I recently discovered Bridget Jones’ Diary on Netflix and I immediately felt compelled to watch it despite the fact that I own it, and it has been sitting idly in my drawer for probably years. It was a fan favorite back in my college days, and my friend and I watched it to the point that it became that movie- the one we recited word for word, quoting it in normal-speak, and we often sent each other BJD related trinkets. In fact, I still have a card on my refrigerator emblazoned with a man in a reindeer jumper that Treacle sent me so long ago. Be still my heart. In any case, I found that all these years later, I can still quote the movie word for word and the same parts make me laugh, cry, cringe and sympathize with the unlikely hero. We share a few unfortunate traits- verbal diarrhea being one-and let’s just say I’m really glad there was no fireman’s pole on the Today Show. Anyway, it gives me good thoughts of my Mr. Darcy, still out there waiting for me.
That was random (#deepthoughts) and not really related to food (don’t worry, no plans to make blue string soup anytime soon), but do you know what else gives me good thoughts? Custard!
Have I talked about custard lately? I don’t think so. My love for custard runs deep, and I’ve often waxed poetic about how custard > ice cream > fro yo. While frozen custard does make my heart smile, baked, on the other end of the spectrum, does the job just the same.
Many, many years ago, my cousins and I ate and alcohol-drank the World Showcase, and we squeezed Canada into the dwindling minutes of the day. It had been a long but noble journey, and the maple crème brûlée that we ate there was just the absolute perfect reward for our hard work. What? Eating that much food is a feat of strength! Anyway, I still dream of its gloriousness. Flash forward a lot of years to this past weekend where Mom and I had France’s crème brûlée, equally glorious. So, as a nod to both of them, I’m recreating the maple version for my own table.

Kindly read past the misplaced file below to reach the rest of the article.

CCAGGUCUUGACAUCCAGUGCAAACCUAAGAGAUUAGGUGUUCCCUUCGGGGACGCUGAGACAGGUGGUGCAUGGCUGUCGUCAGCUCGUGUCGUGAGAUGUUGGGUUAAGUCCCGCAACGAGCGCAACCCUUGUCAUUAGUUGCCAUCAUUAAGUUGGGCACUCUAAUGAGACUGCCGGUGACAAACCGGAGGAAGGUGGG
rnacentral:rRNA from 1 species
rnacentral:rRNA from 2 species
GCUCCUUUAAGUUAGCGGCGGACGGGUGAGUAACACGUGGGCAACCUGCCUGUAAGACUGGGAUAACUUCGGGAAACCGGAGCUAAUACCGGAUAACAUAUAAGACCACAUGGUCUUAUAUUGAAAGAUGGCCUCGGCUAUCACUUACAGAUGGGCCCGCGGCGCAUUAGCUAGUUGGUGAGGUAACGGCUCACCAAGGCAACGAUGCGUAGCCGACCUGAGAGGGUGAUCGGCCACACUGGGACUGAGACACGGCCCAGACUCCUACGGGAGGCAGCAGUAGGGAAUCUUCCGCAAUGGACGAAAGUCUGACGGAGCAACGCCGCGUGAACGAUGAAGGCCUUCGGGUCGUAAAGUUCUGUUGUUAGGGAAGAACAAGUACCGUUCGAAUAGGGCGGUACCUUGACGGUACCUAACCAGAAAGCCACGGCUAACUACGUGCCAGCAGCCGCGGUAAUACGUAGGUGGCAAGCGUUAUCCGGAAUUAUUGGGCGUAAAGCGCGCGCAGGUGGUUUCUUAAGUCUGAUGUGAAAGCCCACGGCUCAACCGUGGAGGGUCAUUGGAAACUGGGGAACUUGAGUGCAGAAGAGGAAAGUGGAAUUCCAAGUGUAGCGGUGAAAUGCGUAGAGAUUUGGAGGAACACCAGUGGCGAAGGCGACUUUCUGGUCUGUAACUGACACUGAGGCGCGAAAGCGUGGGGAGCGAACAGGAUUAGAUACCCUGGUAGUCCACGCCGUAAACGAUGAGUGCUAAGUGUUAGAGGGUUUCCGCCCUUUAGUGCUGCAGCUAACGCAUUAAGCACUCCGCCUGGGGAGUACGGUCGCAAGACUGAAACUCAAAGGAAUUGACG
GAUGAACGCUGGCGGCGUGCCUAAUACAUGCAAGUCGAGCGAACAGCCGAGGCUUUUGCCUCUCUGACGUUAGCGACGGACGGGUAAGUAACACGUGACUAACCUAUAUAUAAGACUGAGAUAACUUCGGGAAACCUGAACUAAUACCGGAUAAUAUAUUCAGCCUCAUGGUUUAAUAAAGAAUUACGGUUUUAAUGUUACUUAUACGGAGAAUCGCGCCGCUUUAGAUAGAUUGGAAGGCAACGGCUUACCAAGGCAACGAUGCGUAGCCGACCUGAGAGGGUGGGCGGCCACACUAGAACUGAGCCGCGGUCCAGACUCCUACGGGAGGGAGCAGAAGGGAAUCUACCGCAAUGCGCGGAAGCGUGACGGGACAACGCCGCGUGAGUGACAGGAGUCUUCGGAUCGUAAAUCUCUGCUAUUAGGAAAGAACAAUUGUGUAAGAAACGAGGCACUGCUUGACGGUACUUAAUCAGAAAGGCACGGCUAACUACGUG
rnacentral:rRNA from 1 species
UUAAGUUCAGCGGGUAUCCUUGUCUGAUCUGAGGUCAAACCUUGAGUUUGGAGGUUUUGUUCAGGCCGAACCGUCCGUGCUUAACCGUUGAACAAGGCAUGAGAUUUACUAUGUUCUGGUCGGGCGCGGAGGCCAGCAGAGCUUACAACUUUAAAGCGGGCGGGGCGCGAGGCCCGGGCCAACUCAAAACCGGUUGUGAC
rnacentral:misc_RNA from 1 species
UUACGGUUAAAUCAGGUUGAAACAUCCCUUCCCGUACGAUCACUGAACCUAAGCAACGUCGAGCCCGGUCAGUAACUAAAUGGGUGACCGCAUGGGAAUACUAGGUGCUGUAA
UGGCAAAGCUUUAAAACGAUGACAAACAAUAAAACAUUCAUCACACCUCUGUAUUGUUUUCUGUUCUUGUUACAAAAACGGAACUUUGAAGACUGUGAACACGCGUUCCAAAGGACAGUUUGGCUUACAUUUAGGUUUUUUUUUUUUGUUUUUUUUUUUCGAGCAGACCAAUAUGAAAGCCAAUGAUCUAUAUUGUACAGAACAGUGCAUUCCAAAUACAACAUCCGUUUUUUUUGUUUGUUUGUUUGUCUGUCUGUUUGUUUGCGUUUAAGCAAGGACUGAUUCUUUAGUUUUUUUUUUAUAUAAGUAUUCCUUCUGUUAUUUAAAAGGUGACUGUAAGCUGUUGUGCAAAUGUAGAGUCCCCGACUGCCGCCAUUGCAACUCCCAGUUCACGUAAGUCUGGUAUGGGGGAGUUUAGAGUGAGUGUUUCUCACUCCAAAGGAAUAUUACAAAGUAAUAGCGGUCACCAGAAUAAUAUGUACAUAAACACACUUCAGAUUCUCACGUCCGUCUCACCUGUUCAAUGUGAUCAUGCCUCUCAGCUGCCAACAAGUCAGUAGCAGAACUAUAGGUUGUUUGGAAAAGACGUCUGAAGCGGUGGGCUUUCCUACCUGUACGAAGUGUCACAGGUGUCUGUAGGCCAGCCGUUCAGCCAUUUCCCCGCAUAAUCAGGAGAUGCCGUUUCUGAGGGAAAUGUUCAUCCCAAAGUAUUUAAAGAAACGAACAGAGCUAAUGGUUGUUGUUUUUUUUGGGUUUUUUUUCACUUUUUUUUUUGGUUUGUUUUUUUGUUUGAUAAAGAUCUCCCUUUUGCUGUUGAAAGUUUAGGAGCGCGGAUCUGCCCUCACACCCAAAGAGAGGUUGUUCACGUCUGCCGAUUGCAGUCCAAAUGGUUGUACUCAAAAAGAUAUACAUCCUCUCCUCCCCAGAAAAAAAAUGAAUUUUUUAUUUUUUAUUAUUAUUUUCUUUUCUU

I’m changing up my original crème brûlée recipe by using my mom’s version of baked custard, topped with the glorious burnt sugar. I’ve done this recipe with both dairy and non-dairy and both come out splendidly. If you’re of the non-dairy persuasion, just use all cashew milk in place of the milk and cream. I did notice, however, less of a shelf life before it starts to get watery. So, mind that.
- 1 cup whole milk
- ½ cup heavy cream
- 4 eggs
- ¼ cup granulate sugar
- 2 TB maple syrup
- 1 tsp vanilla extract
- 1/4 tsp maple extract
- 3 TB granulated sugar (for the brulee part, double if you like)
- Preheat oven to 350F.
- In a small saucepan, combine the milk and cream and scald to the point it’s just below boiling.
- Meanwhile, combine the eggs, ¼ cup sugar, syrup and extracts in a blender. Blend until frothy and well combined. When the milk is ready, SLOWLY pour this into the blender while it’s blending to avoid scrambling the eggs.
- Place the ramekins in a baking pan and carefully pour boiling water into the pan to come halfway up the sides of the ramekins. Bake for 30 to 40 minutes, until the custards are set when gently shaken. Remove the custards from the water bath, cool to room temperature, and refrigerate until firm.
- To serve, spread about ½ TB of sugar evenly on the top of each ramekin and heat with a kitchen blowtorch until the sugar caramelizes evenly. Allow to sit at room temperature for a minute until the caramelized sugar hardens.
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